After sex assault plea, focus shifts to student’s slaying

Author: Associated Press
Published: Updated:

FAIRFAX, Va. (AP) – Gil Harrington, mother of slain student Morgan Harrington, summed up the state of affairs after Jesse Matthew entered a plea Wednesday in a decade-old sexual assault that has been linked by DNA evidence to two other crimes: “We’re one third of the way there.”

Matthew’s surprise Alford plea – a type of guilty plea in which he acknowledged the evidence against him without an explicit admission of guilt – in Fairfax County shifted focus to what now looms: a capital murder trial in Albemarle County for the highly publicized abduction and death last year of University of Virginia student Hannah Graham.

Also unresolved is whether Matthew will face criminal charges in Harrington’s death. Authorities say Matthew is linked to the Harrington case by DNA evidence but have not yet charged him.

Matthew’s conviction in the Fairfax case could have an impact at the Graham trial. While prosecutors would likely be barred from mentioning the conviction in the guilt phase of that trial, they would be able to tell jurors about it in the sentencing phase to bolster their argument for a death penalty.

“Now he’s convicted of some of the most serious crimes you can be convicted of,” Commonwealth’s Attorney Ray Morrogh told reporters outside court.

In Fairfax, Matthew’s plea Wednesday came midtrial, after three days of testimony that included the victim’s harrowing account of fighting to prevent her assailant from raping her and DNA evidence linking Matthew to the crime.

Prosecutors had just rested their case and the judge had just rejected defense lawyers’ effort to get the case tossed out of court. They argued that the DNA could have been inadvertently transferred by coming into contact with a common surface, and pointed out that nobody, including the victim, had been able to identify Matthew as being in the area at the time of the crime.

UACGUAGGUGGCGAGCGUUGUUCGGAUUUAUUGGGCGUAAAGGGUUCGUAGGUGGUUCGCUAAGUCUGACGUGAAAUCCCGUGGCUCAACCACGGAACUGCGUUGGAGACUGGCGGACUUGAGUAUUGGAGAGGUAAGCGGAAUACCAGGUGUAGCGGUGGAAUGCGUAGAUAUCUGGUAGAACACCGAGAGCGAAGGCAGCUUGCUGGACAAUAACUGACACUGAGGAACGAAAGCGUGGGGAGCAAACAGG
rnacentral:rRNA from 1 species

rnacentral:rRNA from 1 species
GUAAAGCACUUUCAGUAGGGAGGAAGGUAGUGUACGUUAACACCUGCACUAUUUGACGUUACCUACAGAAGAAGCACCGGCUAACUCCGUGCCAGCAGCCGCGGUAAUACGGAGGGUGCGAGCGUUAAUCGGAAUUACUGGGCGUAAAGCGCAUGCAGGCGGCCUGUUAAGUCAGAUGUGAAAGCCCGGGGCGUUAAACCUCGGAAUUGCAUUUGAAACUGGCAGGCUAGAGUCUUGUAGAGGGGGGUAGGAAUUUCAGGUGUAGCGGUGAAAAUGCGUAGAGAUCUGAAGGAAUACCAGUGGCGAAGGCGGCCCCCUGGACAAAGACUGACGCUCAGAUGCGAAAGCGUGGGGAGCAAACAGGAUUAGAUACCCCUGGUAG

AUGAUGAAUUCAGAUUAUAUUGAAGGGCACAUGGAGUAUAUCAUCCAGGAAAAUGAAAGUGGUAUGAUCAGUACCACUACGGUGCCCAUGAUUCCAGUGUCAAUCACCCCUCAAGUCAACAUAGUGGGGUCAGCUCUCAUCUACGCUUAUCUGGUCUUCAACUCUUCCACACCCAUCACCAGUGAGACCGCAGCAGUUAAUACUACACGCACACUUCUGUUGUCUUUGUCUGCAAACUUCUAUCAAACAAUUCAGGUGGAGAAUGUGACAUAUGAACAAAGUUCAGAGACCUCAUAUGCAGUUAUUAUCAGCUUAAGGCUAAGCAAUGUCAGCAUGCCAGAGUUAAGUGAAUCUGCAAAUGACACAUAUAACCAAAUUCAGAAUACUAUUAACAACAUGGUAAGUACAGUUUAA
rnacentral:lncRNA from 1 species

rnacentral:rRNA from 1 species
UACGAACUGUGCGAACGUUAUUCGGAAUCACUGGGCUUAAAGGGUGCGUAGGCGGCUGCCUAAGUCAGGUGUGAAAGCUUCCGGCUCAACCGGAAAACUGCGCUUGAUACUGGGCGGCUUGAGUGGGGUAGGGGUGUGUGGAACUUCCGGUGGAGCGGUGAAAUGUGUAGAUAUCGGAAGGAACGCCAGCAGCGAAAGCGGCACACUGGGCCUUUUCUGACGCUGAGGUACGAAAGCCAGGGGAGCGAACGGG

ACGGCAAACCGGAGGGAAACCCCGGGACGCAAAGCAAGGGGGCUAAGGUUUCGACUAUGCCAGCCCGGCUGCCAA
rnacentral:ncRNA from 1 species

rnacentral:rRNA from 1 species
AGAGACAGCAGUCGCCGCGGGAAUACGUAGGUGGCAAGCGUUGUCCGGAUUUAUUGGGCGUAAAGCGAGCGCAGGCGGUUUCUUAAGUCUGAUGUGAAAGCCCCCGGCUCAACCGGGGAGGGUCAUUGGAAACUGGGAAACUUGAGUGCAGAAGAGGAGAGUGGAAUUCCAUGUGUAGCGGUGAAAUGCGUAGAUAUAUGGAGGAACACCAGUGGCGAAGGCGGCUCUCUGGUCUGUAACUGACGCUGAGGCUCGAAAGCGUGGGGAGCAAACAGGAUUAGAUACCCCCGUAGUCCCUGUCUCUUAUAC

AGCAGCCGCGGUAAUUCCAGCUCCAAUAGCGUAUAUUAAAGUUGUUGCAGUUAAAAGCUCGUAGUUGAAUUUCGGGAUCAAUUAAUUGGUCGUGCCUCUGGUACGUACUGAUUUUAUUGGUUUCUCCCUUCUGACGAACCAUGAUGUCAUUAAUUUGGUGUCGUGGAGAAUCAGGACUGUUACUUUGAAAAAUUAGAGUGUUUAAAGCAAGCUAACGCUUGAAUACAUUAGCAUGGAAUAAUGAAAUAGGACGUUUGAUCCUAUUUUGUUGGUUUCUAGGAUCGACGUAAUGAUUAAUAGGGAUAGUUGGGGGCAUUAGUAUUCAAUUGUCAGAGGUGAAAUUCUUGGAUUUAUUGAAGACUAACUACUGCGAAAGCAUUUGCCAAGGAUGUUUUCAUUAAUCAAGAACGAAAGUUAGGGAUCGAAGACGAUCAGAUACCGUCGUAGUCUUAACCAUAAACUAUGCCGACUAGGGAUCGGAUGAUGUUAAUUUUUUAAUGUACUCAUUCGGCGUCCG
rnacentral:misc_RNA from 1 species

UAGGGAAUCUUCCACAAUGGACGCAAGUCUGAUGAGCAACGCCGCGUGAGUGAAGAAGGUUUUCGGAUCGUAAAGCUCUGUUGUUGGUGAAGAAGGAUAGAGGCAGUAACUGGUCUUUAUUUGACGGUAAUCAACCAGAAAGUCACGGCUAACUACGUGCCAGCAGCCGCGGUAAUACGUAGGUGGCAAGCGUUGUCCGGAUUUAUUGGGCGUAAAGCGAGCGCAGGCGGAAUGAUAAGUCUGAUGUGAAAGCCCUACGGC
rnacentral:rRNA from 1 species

But Judge David Schell called the evidence against Matthew overwhelming. Schell accepted the plea on all three charges: attempted capital murder, abduction with intent to defile and sexual assault.

He set an Oct. 2 sentencing date, and could impose a sentence of up to life in prison. At a hearing next week, the victim, who flew back from India to testify, can give victim-impact testimony.

“She wants to tell the judge how this harmed her, even to this day,” Morrogh said. The Associated Press generally does not identify sexual assault victims.

Morrogh said he struck no plea deal with the defense. He declined to say whether he will seek a life sentence, but when asked the chances of whether Matthew will ever see the light of day, he said, “I hope nil.”

The Alford plea takes the jury out of the sentencing equation. The judge alone will determine that.

Willie McDuffy of Centreville, one of the jurors, said Wednesday morning’s testimony linking Matthew to the fingernail DNA left him believing Matthew was guilty, though he was keeping an open mind for the defense.

He said he watched Matthew closely during the trial and described him as “kind of oblivious.” McDuffy said that the victim’s testimony was moving, and that he and the other jurors were a little disappointed to have the decision taken out of their hands.

“I did feel for her. It did make me tear up a little bit,” McDuffy said.

The victim told jurors Monday that her attacker grabbed her just steps from the door to her townhouse and carried her into a darkened area, where he ripped off her clothes and molested her. She fought and scratched him, yielding the crucial DNA evidence, until her attacker ran off as a bystander approached.

“He physically picked her up like a baby … and carried her into the darkness,” Morrogh said in court Wednesday. “He did that to render her helpless for his purpose: to kill her and molest her for his pleasure.”

Matthew’s family declined to comment as they left the courtroom.

Gil Harrington, who sat through the entire trial, said she’s intent on pursuing justice for her daughter but for now is gratified that “this criminal will never hurt anyone again.”

In Albemarle County, a hearing is scheduled later this month to set a trial date in Matthew’s capital murder case connected to Graham’s abduction and death.

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